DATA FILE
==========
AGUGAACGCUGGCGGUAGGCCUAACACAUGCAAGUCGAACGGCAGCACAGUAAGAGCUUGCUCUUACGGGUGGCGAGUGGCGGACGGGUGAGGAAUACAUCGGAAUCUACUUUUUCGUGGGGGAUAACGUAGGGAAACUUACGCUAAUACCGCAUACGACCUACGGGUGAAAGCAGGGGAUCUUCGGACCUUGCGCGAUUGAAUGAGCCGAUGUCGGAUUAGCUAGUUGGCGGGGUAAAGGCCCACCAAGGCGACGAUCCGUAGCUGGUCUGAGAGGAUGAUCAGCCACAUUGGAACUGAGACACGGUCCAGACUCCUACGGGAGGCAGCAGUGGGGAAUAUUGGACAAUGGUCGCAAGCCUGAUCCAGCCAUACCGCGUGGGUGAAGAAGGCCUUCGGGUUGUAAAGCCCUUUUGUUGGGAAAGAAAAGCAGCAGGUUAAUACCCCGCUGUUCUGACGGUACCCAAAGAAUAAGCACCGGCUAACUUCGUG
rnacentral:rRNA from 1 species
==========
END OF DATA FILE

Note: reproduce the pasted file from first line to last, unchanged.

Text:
AGUGAACGCUGGCGGUAGGCCUAACACAUGCAAGUCGAACGGCAGCACAGUAAGAGCUUGCUCUUACGGGUGGCGAGUGGCGGACGGGUGAGGAAUACAUCGGAAUCUACUUUUUCGUGGGGGAUAACGUAGGGAAACUUACGCUAAUACCGCAUACGACCUACGGGUGAAAGCAGGGGAUCUUCGGACCUUGCGCGAUUGAAUGAGCCGAUGUCGGAUUAGCUAGUUGGCGGGGUAAAGGCCCACCAAGGCGACGAUCCGUAGCUGGUCUGAGAGGAUGAUCAGCCACAUUGGAACUGAGACACGGUCCAGACUCCUACGGGAGGCAGCAGUGGGGAAUAUUGGACAAUGGUCGCAAGCCUGAUCCAGCCAUACCGCGUGGGUGAAGAAGGCCUUCGGGUUGUAAAGCCCUUUUGUUGGGAAAGAAAAGCAGCAGGUUAAUACCCCGCUGUUCUGACGGUACCCAAAGAAUAAGCACCGGCUAACUUCGUG
rnacentral:rRNA from 1 species